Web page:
It’s better to be lucky than to be good – as any card player will tell you. Of course, over the long haul, talent wins out – but in any given shuffle, the outcome is largely determined by the cards. And the central fact of life is that it’s a one-shot deal. (We hope that top people are working on this problem.) Over many iterations, one would expect talent to dominate other factors. But there are no iterations – how your one passage through life works out is much more about the circumstances you are born into than your individual skills.
Cross-country comparisons vividly illustrate how vast differences in quality of life are primarily attributable to dumb luck, good and bad – to facts completely beyond an individual’s control. Taken at random, a human being is 40% likely to be in India or China, and 5% likely to be in the US (the three most populous nations). American incomes, on average, are about five times greater than Chinese incomes and ten times greater than Indian incomes. The minimum wage in America – about $15,000 per year for a 40 hour work week – is 50% greater than the average Chinese income, and triple the average Indian income. Being born in America is a far better boon to lifetime earnings than being born brilliant or hardworking.
People born into affluence in the West have no more innate talent than the majority of humanity that’s born into grinding poverty – 50% of whom live on less than $2.50 per day; 80% of whom live on less than $10. In fact, people in modern-day stone-age cultures, often surviving on incomes of less than $1 per day, probably have greater innate intelligence than the typical resident of a modern, affluent western city. As Jared Diamond sagely observed, the greatest evolutionary hurdle faced by urban Westerners has, for centuries, been infectious disease. Stone-age cultures are much more violent, putting evolutionary pressure on individuals to be socially and politically adept. Thus it is that Westerners of today descend from ancestors blessed with strong immune systems; while the Pume and Guaja of the Amazon, e.g., descend from ancestors clever enough to survive the machinations of others.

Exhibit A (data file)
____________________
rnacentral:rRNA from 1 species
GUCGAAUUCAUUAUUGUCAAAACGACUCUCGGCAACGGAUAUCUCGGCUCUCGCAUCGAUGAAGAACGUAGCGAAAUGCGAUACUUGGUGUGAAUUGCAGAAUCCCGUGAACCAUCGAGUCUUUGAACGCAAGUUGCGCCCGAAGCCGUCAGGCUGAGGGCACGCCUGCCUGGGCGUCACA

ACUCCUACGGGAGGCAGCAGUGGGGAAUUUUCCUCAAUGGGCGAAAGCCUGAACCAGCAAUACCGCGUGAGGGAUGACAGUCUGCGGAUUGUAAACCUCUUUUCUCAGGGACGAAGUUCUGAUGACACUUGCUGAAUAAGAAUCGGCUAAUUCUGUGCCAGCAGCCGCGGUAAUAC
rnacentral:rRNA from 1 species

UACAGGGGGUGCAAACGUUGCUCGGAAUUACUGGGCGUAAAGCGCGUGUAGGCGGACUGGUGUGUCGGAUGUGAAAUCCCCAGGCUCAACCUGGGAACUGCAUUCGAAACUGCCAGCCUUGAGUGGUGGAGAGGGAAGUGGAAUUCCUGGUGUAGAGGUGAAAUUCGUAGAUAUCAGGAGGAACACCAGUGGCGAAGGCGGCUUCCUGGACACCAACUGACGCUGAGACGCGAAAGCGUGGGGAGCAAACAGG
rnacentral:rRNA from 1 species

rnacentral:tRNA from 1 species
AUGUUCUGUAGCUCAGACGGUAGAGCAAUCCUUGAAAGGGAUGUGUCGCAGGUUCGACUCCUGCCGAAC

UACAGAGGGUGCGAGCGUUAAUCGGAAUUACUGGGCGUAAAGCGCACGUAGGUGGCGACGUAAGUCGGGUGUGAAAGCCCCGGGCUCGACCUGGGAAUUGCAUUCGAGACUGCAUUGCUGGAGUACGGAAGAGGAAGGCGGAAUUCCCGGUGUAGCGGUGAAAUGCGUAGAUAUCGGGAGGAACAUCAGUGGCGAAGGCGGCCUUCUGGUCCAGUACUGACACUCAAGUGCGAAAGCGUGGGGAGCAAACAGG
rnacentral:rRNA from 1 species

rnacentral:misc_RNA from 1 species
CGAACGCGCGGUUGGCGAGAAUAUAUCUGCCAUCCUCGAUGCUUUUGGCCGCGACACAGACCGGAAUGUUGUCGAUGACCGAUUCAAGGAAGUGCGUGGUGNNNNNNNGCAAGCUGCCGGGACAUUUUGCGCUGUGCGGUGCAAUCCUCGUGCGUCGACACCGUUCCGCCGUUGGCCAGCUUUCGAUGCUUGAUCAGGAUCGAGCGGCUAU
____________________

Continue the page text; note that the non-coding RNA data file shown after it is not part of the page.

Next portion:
At the margins, individual talent counts for something. In Papua New Guinea, for example, a better gatherer might come home with a larger coconut – but she’s not likely to score a cushy corporate board seat or test into an elite prep school. Millions born in rural India and China have practically zero chance of achieving the living standard of an American stocking shelves at Walmart. If material comfort and length of life are your wishes, it is far better to be born with an ordinary mind in Alabama than to be an Einstein born in Calcutta. Even one’s individual talents are tellingly called “gifts:” what you get – or dont get – is, alas, beyond your control too.
Within individual countries, one finds the same patterns on a more compressed scale. Among Americans, individual incomes are largely predicted by race, gender and parental income. Education is predictive too – but the quantity and quality of an individual’s education are significantly determined by socioeconomic factors – like race and parental income. Education seems to be the consequence of more basic inputs
Americans from disadvantaged backgrounds are not very likely to rise to the highest income levels. Contrary to the myth of “the American Dream,” in no developed country does your parents’ income determine your own income more than it does in the US. The entire world is a luckocracy – but the American luckocracy is absolutely the least meritocratic in the western world. And not only are poor American children much less likely to grow rich – they’re far more likely to suffer such pitfalls as drug abuse, incarceration and teen parenthood, while enduring poorer health and shorter lives. An American child of a low-level Walmart employee is surely far better off than a typical child in the developing world – but he has a much smaller chance of growing rich than a similarly situated person in another western country.
The Field Guide returns on Wednesday, to consider how our knowledge of the luckocracy should inform public policy.